Stretching out daytime feedings will help your baby stretch out their night time feedings.
Babies have a certain amount of calories they need to consume in a day to continue growing well. If you start feeding them less during the day… GUESS WHAT? They have to make up for those lost calories at night! If you want them to feed less frequently at night, you will have to make up for those lost calories during the day. Some babies will start taking in more at each feeding, while some will need an extra feeding during the daytime hours.
Putting your baby on a schedule will help them learn to sleep longer.
I have a question for you: how do you know when you are hungry? Is it the clock that tells you it’s time to eat? Does your husband/friend/coworker tell you when you are hungry? Or perhaps, is it your own body that signals you with hunger cues when it is time to nibble?
I have another question for you: how do you know when you feel tired? Is it because of the clock/another person telling you? My guess is probably not. Your body probably tells you when you need to rest.
Your baby’s body tells them everything they need to know; when they are hungry, tired, etc. When we introduce a schedule for our babies, we essentially teach them to ignore the cues their own body is sending them. Over time they are unable to read and interpret their body’s natural signals because they have become so accustomed to overriding them. Adults who have learned to listen to their own body’s cues have been shown to have better portion control when eating and lower rates of obesity.
Schedules also don’t work because they don’t take into account growth spurts. There are times, especially in the first year of life, when babies may need to feed every 2 hours instead of every 3-4. Because they are growing. And that is normal.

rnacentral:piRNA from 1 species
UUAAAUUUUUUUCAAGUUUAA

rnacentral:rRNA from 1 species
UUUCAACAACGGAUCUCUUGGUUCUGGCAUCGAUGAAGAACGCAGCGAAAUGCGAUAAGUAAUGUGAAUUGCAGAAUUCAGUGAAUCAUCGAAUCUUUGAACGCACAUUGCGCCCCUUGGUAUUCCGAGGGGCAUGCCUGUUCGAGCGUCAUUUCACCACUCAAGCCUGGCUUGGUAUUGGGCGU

Nap your baby in a bright room with loud noises nearby so they learn to sleep through anything.
The first question I have to ask you is this: could you nap in a bright room with a vacuum roaring by your head? Likely not. And you have had how many years of practice falling asleep? Sleeping is a new skill for your baby. Just because they had the ability to sleep through anything as a newborn does not mean that they can or should continue to sleep in this type of environment. Some kids are more sensitive to sounds and making loud noises while they sleep isn’t likely to improve their sleep. It’s more likely to leave you with an overtired baby. Yes, they can learn to adjust to some household noises that happen outside of their rooms during nap times, BUT some babies will find this harder than others. By setting up an adequate sleep environment, you are fostering the ideal setting for peaceful slumber to happen.
What is more important to you: that your baby develops the unrealistic ability to sleep through anything or that your baby sleeps?
What baby sleep myths have you heard?
Andrea Moore is a Certified Gentle Sleep Coach, and founder of Blissful Nights. As a former exhausted parent of 3 busy little kids, Andrea fully understands the toll extreme sleep deprivation can take. As a Gentle Sleep Coach, Andrea works with tired parents of infants and small children, helping them gently and lovingly teach their children invaluable sleep skills. As the children learn to sleep, parents are reunited with their own long-lost and desperately missed uninterrupted sleep.